Zimbabwe celebrates Earth Hour 2022 in style

Posted on 06 April 2022

Earth Hour, the world’s largest grassroots movement for the environment unites millions of people around the world to show solidarity for both people and the planet. This year’s event brought people around the globe to unite in a moment of reflection on their relationship with each other and their collective home.
This Earth Hour - 26th March 2022 there was a broader call to action: that everyone has a part to play in shaping a new future for people and planet, from taking individual steps towards living sustainably to urging companies and governments to help build a nature-positive and carbon-neutral future. 
From the Sydney Opera House where Earth Hour began in 2007, through the Gateway of India, Beijing Phoenix Center in China, Brandenburg Gate in Germany, the Colosseum in Italy, Empire State Building in the USA all the way to Zimbabwe, people took part in activities that symbolise a more sustainable future for everyone.  This year’s theme was Shape Our Future.  For World Wide Fund for Nature (WWF) in Zimbabwe this has meant a greater focus on supporting the youth to take the lead in environmental conservation.

Said Zimbabwe’s child president, Hazel Mandaza at an Earth Hour 2022 commemoration on 24 March in Marondera: “Such occasions remind us of the importance of conserving our environment and nature. Earth Hour reminds us to take charge of our environment. It is not only for the love of nature now but for the concern of future generations that we should conserve our environment.”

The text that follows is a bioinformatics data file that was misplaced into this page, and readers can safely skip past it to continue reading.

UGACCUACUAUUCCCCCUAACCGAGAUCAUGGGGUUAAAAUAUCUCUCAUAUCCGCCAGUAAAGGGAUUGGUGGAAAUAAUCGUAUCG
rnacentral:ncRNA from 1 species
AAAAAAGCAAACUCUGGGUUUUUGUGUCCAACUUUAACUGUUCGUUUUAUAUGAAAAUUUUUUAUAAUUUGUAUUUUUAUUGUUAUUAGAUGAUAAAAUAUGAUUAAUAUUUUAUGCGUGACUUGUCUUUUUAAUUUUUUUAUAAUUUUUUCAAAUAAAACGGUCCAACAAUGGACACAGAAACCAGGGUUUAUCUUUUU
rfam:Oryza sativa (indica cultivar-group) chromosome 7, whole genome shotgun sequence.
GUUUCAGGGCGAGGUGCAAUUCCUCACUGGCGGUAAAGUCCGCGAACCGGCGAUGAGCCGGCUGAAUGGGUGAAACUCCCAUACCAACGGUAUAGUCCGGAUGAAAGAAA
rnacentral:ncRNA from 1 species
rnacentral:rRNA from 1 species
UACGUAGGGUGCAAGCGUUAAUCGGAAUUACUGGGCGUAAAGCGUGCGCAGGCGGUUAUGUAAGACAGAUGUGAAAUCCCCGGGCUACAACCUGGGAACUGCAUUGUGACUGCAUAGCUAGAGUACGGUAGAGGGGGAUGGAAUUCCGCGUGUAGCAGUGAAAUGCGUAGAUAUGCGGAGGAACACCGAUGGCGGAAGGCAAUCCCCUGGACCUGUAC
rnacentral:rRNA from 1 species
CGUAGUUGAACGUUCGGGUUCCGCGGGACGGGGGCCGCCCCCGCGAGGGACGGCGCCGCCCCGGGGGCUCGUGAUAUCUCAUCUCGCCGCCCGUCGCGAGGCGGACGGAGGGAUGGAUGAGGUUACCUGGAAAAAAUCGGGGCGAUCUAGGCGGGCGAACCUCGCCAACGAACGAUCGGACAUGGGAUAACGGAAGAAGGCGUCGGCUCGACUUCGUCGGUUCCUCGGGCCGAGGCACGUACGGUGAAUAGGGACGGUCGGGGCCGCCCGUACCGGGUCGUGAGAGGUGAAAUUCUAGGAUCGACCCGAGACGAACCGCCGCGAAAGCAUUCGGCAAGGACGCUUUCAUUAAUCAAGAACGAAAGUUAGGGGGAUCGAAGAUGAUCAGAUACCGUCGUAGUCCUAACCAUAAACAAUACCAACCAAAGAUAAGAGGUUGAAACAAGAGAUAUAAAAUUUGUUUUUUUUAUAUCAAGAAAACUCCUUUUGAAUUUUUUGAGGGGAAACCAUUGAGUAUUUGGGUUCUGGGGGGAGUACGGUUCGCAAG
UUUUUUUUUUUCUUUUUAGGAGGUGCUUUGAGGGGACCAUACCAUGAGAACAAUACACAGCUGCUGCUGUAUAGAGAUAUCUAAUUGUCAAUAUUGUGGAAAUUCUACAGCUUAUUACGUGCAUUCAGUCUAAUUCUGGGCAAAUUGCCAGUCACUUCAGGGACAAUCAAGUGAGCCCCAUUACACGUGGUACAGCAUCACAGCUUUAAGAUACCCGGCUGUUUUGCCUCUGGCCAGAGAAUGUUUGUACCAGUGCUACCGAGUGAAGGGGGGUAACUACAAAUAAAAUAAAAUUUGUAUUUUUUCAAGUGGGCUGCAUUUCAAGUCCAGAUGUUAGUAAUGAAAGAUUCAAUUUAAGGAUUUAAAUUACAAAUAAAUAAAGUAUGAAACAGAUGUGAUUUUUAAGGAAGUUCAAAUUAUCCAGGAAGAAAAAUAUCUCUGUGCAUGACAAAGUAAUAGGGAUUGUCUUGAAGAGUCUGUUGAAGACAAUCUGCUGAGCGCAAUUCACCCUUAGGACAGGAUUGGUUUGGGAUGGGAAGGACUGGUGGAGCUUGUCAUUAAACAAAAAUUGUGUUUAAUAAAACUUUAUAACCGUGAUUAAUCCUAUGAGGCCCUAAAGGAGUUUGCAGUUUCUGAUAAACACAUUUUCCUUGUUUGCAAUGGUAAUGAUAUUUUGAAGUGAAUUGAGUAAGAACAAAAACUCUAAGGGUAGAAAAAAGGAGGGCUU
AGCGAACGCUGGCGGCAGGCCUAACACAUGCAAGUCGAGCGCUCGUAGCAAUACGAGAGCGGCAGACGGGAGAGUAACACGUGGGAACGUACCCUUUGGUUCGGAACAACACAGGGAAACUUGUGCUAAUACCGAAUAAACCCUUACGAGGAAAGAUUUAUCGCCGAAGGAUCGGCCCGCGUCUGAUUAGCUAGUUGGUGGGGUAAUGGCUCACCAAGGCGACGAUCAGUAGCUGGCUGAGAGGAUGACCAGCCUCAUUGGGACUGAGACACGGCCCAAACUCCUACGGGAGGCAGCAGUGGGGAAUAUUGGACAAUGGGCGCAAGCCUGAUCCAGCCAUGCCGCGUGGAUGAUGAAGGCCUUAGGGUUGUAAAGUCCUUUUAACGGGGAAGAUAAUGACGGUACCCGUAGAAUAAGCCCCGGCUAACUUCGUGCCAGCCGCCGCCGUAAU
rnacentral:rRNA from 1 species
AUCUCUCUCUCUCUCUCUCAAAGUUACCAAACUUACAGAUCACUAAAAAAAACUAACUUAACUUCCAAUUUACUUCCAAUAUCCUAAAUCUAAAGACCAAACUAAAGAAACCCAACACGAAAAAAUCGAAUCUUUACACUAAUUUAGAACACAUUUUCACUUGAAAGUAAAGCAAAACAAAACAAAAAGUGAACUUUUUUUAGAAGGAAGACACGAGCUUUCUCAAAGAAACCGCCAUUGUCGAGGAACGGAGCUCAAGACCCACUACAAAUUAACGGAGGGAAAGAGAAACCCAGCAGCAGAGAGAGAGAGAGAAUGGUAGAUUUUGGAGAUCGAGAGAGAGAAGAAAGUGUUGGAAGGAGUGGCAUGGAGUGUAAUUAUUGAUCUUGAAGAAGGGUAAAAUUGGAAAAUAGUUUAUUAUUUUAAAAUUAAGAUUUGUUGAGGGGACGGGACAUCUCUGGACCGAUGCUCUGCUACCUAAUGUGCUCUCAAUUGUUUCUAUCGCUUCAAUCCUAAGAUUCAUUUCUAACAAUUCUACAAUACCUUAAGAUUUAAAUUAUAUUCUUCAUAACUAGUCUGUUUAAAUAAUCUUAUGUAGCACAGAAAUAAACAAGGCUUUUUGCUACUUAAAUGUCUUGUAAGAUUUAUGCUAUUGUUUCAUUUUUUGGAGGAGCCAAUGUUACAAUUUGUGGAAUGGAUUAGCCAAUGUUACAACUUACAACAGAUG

Each year, Earth Hour provides people around the world with the opportunity to show how much they care about nature – and to help others understand its vital importance in our lives. It is a time to celebrate, but also a time to highlight the need for action. 
Said Dr Enos Shumba, WWF Zimbabwe country director: “This Earth Hour 2022 we call on everyone to unite in solidarity for people and the Earth. We face many challenges but we should ensure that 2022 remains a critical year for this Planet, our shared home. We should all take positive action to ensure we have a world where people and nature are able to thrive together.”

Since its launch, the campaign has helped to give people a powerful voice on the climate and nature loss crises. This year an alliance of governments and organizations, including WWF, are calling for increased ambition and urgent action to halt and reverse nature loss by 2030.  
This year’s Earth Hour reached millions of people in a record-breaking 192 countries and territories.
A march in the streets of Marondera town, Zimbabwe to mark Earth Hour 2022
© WWF Zimbabwe